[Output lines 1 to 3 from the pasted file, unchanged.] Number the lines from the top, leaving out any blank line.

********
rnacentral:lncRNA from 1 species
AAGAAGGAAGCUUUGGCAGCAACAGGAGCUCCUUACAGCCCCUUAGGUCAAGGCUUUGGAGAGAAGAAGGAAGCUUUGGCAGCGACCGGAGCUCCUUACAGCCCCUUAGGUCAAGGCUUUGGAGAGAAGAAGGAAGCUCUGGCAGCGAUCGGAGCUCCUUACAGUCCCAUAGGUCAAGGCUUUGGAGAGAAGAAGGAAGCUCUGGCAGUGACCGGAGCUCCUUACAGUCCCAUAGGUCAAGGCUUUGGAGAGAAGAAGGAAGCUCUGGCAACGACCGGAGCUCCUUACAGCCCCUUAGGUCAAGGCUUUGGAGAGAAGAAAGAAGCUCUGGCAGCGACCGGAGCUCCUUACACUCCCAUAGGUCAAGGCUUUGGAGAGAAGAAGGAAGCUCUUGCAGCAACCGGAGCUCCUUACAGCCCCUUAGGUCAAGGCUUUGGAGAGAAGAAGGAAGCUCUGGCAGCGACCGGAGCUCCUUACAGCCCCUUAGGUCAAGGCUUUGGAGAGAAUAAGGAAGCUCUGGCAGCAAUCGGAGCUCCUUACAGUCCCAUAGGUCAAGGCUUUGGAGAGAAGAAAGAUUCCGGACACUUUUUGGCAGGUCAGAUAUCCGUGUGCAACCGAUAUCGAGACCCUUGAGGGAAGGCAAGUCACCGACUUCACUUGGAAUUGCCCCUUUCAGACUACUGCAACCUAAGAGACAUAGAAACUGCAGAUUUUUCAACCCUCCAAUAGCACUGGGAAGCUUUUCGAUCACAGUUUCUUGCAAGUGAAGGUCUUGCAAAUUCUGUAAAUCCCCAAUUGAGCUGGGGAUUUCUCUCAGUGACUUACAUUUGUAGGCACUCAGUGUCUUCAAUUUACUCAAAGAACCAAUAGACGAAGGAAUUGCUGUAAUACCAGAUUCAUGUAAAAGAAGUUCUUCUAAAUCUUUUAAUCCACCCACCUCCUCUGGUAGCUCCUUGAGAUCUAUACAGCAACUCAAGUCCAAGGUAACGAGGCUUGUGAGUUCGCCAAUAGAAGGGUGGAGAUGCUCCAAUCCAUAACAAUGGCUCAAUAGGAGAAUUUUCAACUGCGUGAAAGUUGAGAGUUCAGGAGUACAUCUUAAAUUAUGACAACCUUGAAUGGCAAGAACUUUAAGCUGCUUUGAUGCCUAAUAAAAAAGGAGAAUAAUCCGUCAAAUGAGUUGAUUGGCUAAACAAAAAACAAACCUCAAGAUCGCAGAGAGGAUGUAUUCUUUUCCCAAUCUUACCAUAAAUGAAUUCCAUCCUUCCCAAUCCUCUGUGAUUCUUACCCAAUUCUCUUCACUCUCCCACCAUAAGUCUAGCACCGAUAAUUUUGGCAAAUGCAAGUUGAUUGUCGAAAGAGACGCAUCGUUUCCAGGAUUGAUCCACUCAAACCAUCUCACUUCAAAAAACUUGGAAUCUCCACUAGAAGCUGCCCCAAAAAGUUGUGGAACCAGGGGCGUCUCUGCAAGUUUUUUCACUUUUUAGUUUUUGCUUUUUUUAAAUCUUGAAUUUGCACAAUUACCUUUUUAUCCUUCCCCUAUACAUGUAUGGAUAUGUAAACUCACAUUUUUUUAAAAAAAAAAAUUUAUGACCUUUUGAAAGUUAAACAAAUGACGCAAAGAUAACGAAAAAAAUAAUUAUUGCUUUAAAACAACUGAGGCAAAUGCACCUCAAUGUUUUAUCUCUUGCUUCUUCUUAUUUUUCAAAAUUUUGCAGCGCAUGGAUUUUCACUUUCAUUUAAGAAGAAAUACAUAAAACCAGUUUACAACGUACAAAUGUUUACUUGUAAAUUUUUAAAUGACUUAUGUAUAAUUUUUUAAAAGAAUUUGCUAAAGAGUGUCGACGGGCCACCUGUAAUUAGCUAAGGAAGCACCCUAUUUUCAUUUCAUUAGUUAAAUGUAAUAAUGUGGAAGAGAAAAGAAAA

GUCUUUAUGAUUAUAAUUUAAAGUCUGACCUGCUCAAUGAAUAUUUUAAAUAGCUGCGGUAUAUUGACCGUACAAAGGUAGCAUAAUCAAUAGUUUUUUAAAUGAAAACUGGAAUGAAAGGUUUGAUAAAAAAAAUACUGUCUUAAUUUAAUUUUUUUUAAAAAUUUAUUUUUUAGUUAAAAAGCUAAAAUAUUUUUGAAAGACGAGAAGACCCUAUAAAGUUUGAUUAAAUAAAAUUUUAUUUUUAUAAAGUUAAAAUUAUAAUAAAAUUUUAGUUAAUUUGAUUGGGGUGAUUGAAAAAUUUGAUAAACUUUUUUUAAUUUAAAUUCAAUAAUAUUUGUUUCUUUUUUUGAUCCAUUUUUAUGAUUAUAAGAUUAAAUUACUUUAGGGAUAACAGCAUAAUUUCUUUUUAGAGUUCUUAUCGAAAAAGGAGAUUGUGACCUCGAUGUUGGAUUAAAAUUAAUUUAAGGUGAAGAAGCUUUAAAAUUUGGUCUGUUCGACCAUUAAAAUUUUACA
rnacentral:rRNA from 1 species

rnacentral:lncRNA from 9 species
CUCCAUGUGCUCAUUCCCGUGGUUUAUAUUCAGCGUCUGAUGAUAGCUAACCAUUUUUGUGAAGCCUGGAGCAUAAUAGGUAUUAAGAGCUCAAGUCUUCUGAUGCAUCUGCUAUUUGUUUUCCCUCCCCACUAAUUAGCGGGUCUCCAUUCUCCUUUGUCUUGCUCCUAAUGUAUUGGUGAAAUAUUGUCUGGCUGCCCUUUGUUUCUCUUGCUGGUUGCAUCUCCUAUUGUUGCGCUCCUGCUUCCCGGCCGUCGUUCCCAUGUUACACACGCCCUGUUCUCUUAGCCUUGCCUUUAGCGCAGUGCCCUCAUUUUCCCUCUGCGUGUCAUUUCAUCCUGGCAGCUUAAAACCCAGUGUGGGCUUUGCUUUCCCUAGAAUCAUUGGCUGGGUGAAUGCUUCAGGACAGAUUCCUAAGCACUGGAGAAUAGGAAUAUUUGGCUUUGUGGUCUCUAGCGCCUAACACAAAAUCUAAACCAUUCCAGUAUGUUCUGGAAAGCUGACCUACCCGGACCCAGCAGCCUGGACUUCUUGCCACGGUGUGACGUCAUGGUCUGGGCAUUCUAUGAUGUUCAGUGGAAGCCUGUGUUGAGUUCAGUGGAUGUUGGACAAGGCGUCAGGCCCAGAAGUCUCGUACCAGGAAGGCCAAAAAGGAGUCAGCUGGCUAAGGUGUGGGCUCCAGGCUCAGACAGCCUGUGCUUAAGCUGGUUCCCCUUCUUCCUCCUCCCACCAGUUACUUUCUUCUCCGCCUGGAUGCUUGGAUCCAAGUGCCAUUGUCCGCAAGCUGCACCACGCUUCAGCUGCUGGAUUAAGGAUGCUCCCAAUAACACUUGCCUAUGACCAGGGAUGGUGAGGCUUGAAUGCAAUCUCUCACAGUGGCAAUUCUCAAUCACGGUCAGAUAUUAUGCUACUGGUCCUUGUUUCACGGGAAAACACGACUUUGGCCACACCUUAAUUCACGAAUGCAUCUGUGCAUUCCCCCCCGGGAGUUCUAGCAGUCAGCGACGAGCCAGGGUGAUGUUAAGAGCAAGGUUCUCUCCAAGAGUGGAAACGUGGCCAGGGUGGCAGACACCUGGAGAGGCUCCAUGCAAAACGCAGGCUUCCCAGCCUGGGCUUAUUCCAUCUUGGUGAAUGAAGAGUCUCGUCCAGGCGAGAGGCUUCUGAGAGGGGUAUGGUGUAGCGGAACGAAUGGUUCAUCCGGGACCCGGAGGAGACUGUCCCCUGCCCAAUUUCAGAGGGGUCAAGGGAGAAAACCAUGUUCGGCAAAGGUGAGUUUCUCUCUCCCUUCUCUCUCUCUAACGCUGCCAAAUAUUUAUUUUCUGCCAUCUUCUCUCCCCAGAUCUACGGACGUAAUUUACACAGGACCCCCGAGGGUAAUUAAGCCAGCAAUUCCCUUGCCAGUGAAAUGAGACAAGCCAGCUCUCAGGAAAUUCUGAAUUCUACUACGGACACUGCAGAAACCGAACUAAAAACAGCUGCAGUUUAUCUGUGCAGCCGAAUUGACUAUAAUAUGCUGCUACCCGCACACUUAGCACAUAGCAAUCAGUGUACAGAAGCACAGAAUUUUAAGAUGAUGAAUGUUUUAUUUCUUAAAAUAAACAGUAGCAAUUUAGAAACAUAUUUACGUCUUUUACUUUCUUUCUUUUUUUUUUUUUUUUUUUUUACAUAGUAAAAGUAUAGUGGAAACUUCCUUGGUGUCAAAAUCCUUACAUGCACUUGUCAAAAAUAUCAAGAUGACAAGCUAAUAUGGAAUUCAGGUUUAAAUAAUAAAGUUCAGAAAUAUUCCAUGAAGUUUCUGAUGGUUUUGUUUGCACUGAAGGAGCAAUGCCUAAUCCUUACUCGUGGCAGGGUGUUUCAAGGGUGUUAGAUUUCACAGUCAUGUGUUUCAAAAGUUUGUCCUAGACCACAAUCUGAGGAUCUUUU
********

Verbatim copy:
rnacentral:lncRNA from 1 species
AAGAAGGAAGCUUUGGCAGCAACAGGAGCUCCUUACAGCCCCUUAGGUCAAGGCUUUGGAGAGAAGAAGGAAGCUUUGGCAGCGACCGGAGCUCCUUACAGCCCCUUAGGUCAAGGCUUUGGAGAGAAGAAGGAAGCUCUGGCAGCGAUCGGAGCUCCUUACAGUCCCAUAGGUCAAGGCUUUGGAGAGAAGAAGGAAGCUCUGGCAGUGACCGGAGCUCCUUACAGUCCCAUAGGUCAAGGCUUUGGAGAGAAGAAGGAAGCUCUGGCAACGACCGGAGCUCCUUACAGCCCCUUAGGUCAAGGCUUUGGAGAGAAGAAAGAAGCUCUGGCAGCGACCGGAGCUCCUUACACUCCCAUAGGUCAAGGCUUUGGAGAGAAGAAGGAAGCUCUUGCAGCAACCGGAGCUCCUUACAGCCCCUUAGGUCAAGGCUUUGGAGAGAAGAAGGAAGCUCUGGCAGCGACCGGAGCUCCUUACAGCCCCUUAGGUCAAGGCUUUGGAGAGAAUAAGGAAGCUCUGGCAGCAAUCGGAGCUCCUUACAGUCCCAUAGGUCAAGGCUUUGGAGAGAAGAAAGAUUCCGGACACUUUUUGGCAGGUCAGAUAUCCGUGUGCAACCGAUAUCGAGACCCUUGAGGGAAGGCAAGUCACCGACUUCACUUGGAAUUGCCCCUUUCAGACUACUGCAACCUAAGAGACAUAGAAACUGCAGAUUUUUCAACCCUCCAAUAGCACUGGGAAGCUUUUCGAUCACAGUUUCUUGCAAGUGAAGGUCUUGCAAAUUCUGUAAAUCCCCAAUUGAGCUGGGGAUUUCUCUCAGUGACUUACAUUUGUAGGCACUCAGUGUCUUCAAUUUACUCAAAGAACCAAUAGACGAAGGAAUUGCUGUAAUACCAGAUUCAUGUAAAAGAAGUUCUUCUAAAUCUUUUAAUCCACCCACCUCCUCUGGUAGCUCCUUGAGAUCUAUACAGCAACUCAAGUCCAAGGUAACGAGGCUUGUGAGUUCGCCAAUAGAAGGGUGGAGAUGCUCCAAUCCAUAACAAUGGCUCAAUAGGAGAAUUUUCAACUGCGUGAAAGUUGAGAGUUCAGGAGUACAUCUUAAAUUAUGACAACCUUGAAUGGCAAGAACUUUAAGCUGCUUUGAUGCCUAAUAAAAAAGGAGAAUAAUCCGUCAAAUGAGUUGAUUGGCUAAACAAAAAACAAACCUCAAGAUCGCAGAGAGGAUGUAUUCUUUUCCCAAUCUUACCAUAAAUGAAUUCCAUCCUUCCCAAUCCUCUGUGAUUCUUACCCAAUUCUCUUCACUCUCCCACCAUAAGUCUAGCACCGAUAAUUUUGGCAAAUGCAAGUUGAUUGUCGAAAGAGACGCAUCGUUUCCAGGAUUGAUCCACUCAAACCAUCUCACUUCAAAAAACUUGGAAUCUCCACUAGAAGCUGCCCCAAAAAGUUGUGGAACCAGGGGCGUCUCUGCAAGUUUUUUCACUUUUUAGUUUUUGCUUUUUUUAAAUCUUGAAUUUGCACAAUUACCUUUUUAUCCUUCCCCUAUACAUGUAUGGAUAUGUAAACUCACAUUUUUUUAAAAAAAAAAAUUUAUGACCUUUUGAAAGUUAAACAAAUGACGCAAAGAUAACGAAAAAAAUAAUUAUUGCUUUAAAACAACUGAGGCAAAUGCACCUCAAUGUUUUAUCUCUUGCUUCUUCUUAUUUUUCAAAAUUUUGCAGCGCAUGGAUUUUCACUUUCAUUUAAGAAGAAAUACAUAAAACCAGUUUACAACGUACAAAUGUUUACUUGUAAAUUUUUAAAUGACUUAUGUAUAAUUUUUUAAAAGAAUUUGCUAAAGAGUGUCGACGGGCCACCUGUAAUUAGCUAAGGAAGCACCCUAUUUUCAUUUCAUUAGUUAAAUGUAAUAAUGUGGAAGAGAAAAGAAAA

GUCUUUAUGAUUAUAAUUUAAAGUCUGACCUGCUCAAUGAAUAUUUUAAAUAGCUGCGGUAUAUUGACCGUACAAAGGUAGCAUAAUCAAUAGUUUUUUAAAUGAAAACUGGAAUGAAAGGUUUGAUAAAAAAAAUACUGUCUUAAUUUAAUUUUUUUUAAAAAUUUAUUUUUUAGUUAAAAAGCUAAAAUAUUUUUGAAAGACGAGAAGACCCUAUAAAGUUUGAUUAAAUAAAAUUUUAUUUUUAUAAAGUUAAAAUUAUAAUAAAAUUUUAGUUAAUUUGAUUGGGGUGAUUGAAAAAUUUGAUAAACUUUUUUUAAUUUAAAUUCAAUAAUAUUUGUUUCUUUUUUUGAUCCAUUUUUAUGAUUAUAAGAUUAAAUUACUUUAGGGAUAACAGCAUAAUUUCUUUUUAGAGUUCUUAUCGAAAAAGGAGAUUGUGACCUCGAUGUUGGAUUAAAAUUAAUUUAAGGUGAAGAAGCUUUAAAAUUUGGUCUGUUCGACCAUUAAAAUUUUACA